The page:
Play Better At Online Casinos By Using E-BooksTechnology, Entertainment, Gambling, Lifestyle
E-books have been causing massive disruptions in the traditional publishing industry over the last decade. This should come as no surprise, really, considering that e-books are inherently superior products compared to printed books. They are accessible round-the-clock from anywhere, offer superior portability and provide greater savings. They are also more environmentally friendly.
So take advantage of the convenience of e-books by reading and learning some new tricks from our recommended list of gambling e-books below – they might help you try out new strategies or provide some inspiration on your next visit to Spin Palace’s mobile casino!
Casino Gambling for Dummies by Kevin Blackwood
The Dummies series breaks down complicated topics into easy to understand, bite-size pieces – and it’s no different with this book. Written by biblical scholar turned professional blackjack and poker player Kevin Blackwood, Casino Gambling for Dummies provides a crash course in the mechanics of popular offline and online gambling games such as craps, roulette and poker.
The book also gives an explanation of odds, so players will be able to make quick decisions by gauging the probability of winning (or losing). Blackwood also teaches readers how to develop effective strategies, while avoiding unproductive gimmicks or placing bad bets. It even mentions games with the lowest casino edge and those you should avoid if want to have a better chance at hitting the jackpot!
Casino Gambling for Dummies also provides readers with an overview of managing their money and winnings, as well as tips and advice on dealing with tax authorities.
This book is perfect for beginners – it will help you effectively navigate the unfamiliar terrain of online gambling.
Bringing Down The House by Ben Mezrich
Bringing Down The House is probably the biggest selling non-fiction gambling book of all time. The book tells the true story of a Massachusetts Institute of Technology (MIT) blackjack team which uses card counting strategy and covert signalling to improve their probability of winning at several casinos on the Vegas Strip.
The MIT Blackjack Team has been around since 1979, but they only started making waves when the book’s protagonist, Kevin Lewis, joined the team. The character of Lewis is based on Jeff Ma, a mechanical engineering student who graduated MIT in 1994. Ma, who sold his first two start-up companies to Yahoo and Twitter, is currently a Predictive Analytics Expert at ESPN.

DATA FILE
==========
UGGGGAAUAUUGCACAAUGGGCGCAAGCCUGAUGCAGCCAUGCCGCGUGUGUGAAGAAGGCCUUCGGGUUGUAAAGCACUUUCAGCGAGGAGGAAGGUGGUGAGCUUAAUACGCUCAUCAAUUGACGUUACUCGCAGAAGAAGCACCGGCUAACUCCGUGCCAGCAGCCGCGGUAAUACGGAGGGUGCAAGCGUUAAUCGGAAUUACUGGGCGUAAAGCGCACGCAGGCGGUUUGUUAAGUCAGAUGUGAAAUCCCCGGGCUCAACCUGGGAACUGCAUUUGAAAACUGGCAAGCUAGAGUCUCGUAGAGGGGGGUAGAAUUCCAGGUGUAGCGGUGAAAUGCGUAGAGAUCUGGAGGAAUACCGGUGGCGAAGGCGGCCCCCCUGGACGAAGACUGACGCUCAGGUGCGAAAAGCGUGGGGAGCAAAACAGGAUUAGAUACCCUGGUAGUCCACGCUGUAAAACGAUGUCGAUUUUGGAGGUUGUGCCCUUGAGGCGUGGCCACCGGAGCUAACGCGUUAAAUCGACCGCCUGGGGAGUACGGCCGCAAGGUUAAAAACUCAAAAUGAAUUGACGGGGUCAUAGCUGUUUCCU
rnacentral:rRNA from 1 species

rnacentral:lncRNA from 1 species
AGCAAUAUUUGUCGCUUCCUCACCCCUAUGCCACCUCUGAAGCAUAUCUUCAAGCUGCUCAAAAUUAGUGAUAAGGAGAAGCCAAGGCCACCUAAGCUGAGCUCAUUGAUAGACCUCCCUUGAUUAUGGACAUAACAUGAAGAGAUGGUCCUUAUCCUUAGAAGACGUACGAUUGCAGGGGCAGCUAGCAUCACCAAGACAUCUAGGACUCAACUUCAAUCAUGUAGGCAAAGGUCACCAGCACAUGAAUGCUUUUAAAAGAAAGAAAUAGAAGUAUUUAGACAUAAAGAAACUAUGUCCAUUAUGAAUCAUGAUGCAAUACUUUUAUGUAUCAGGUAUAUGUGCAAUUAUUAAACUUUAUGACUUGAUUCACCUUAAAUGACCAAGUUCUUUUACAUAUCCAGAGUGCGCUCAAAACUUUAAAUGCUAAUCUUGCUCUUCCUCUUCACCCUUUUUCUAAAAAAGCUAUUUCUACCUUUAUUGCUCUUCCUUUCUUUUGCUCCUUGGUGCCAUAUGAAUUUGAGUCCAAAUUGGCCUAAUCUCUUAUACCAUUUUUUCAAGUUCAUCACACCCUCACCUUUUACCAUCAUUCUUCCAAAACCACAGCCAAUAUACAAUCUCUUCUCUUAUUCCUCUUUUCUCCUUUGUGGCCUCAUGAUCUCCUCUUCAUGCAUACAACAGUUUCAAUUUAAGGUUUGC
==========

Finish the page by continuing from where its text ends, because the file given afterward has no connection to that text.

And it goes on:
The group earned a significant sum of money and were even treated as whales by casino owners. However, as their methods became apparent, they were eventually banned from casinos in Vegas. Writer Ben Mezrich has gone on record admitting that he took some creative license with the story for dramatic effect.
In 2008, Columbia Pictures released a movie adaptation of the book, 21, starring Kevin Spacey, Jim Sturgess and Kate Bosworth. It became a box office hit.
The book teaches practically nothing about online casinos, aside from the fact that the house always wins. However, it is very entertaining and offers a great way to spend time on weekends when your internet is down.
Fortune's Formula by William Poundstone
Fortune’s Formula is a brilliantly written book about the conception of the Kelly formula, also known as the Kelly criterion. Using probability theory and several other mathematical theorems, the Kelly criterion has been lauded by many as one of the few proven scientific gambling methods. No formula will ever guarantee success, but the Kelly criterion has been used as an investment strategy by a number of well-known investors including Warren Buffett, Charlie Munger and Mohnish Pabrai.
However, actual discussion about the formula only takes up about five percent of the book. The rest of it follows the formula’s development beginning from 1956, when John L. Kelly, Jr, a researcher at Bell Labs, first hypothesized the theory in writing.
The book also details how legendary neurotic mathematician Claude Shannon adapted the formula and used it successfully in Las Vegas casinos. Another mathematician, Edward O. Thorp, adapted it again and made even more money in the stock and hedge fund markets.
To paraphrase a New York Times review, Fortune’s Formula is a blend of mathematics and history textbook, a gambling primer and a joke book!
If you’re feeling a little worn out and disillusioned, this book is a great way to rejuvenate your enthusiasm.
Obviously, there are many other brilliant gambling e-books out there. So don’t stop with these three books – self-learning is a life-long journey!